U.S. Rep. John Conyers to deliver 2016 Rosa Parks Luncheon keynote address | More
‘Downton Discussions’ to shed light on PBS series’ final season | More
Shealey to join board of American Association of Colleges for Teacher Education | More
Rowan to welcome writer Claudia Rankine for President’s Lecture Series presentation | More
Rowan and partners to offer $25,000 degree | More
The latest version of CHSS notes is available for download in the newsletters section.
The Bachelors of History/Masters of History (or 4+1 History) Program
This unique program allows a student to earn both a Bachelor's degree and a Master's degree in history in only five years. Students in the program will be allowed to register for up to 12 graduate credits during their senior year, to pay the undergraduate rate for those credits, and to double-count those credits toward both degrees. Such a program offers great financial, educational and marketability advantages to students. Admission into the program is selective and competitive.
History students are eligible to apply for the BA/MA program at any time. Up until the Spring semester of their junior year, students are admitted into Stage One of the program. During this stage, you are considered a "4+1" student by the Department of History but retain your undergraduate status with the Registrar's Office.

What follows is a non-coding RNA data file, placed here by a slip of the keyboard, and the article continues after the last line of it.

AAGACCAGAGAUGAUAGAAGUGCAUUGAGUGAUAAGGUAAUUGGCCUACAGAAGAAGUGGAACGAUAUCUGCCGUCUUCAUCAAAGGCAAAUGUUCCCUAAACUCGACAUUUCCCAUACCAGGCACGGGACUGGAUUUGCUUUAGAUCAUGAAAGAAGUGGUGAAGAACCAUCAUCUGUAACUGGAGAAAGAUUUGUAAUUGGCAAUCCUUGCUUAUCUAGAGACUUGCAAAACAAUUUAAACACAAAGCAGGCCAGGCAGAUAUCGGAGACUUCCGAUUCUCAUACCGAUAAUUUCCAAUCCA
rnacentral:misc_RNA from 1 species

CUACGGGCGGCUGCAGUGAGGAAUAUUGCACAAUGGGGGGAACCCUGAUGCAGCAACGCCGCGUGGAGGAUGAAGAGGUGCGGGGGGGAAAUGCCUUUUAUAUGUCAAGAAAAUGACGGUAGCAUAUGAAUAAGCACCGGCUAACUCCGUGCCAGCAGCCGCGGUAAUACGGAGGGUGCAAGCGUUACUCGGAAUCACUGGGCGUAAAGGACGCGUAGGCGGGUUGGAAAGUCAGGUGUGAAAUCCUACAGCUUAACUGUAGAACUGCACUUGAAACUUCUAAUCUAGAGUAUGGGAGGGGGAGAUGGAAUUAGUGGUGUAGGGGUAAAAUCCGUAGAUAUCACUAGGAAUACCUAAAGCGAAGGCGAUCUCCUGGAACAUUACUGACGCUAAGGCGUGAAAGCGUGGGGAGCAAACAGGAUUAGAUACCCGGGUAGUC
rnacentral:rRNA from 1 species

To be advanced to Stage Two of the program, students in Stage One will need to maintain a 3.3 GPA in history courses. If they do this, they will be automatically admitted to Stage Two in the Spring semester of their junior year. A second letter will be sent at that stage, acknowledging their advancement and directing you to fill out paperwork that will allow the student to take graduate courses in their senior year. Please note that students in their junior year may apply directly into Stage Two if they have the requisite GPA, a grade of at least B- in Methods, and a faculty recommendation.
Stage Two is completed during a candidate's fourth year, a time during which they have a new designation with the Registrar's Office and will take at least two and up to four graduate courses at the undergraduate rate. At the end of the fourth year, students will move on to Stage Three, where they will now be considered graduate students by the University. 4+1 Students will take six to eight graduate courses during this fifth year.
All 4+1 students are given several resources. As the 4+1 coordinator, William Carrigan will assist you with any academic issues throughout your program- including course selection, program requirements, departmental policies, or awarded credit.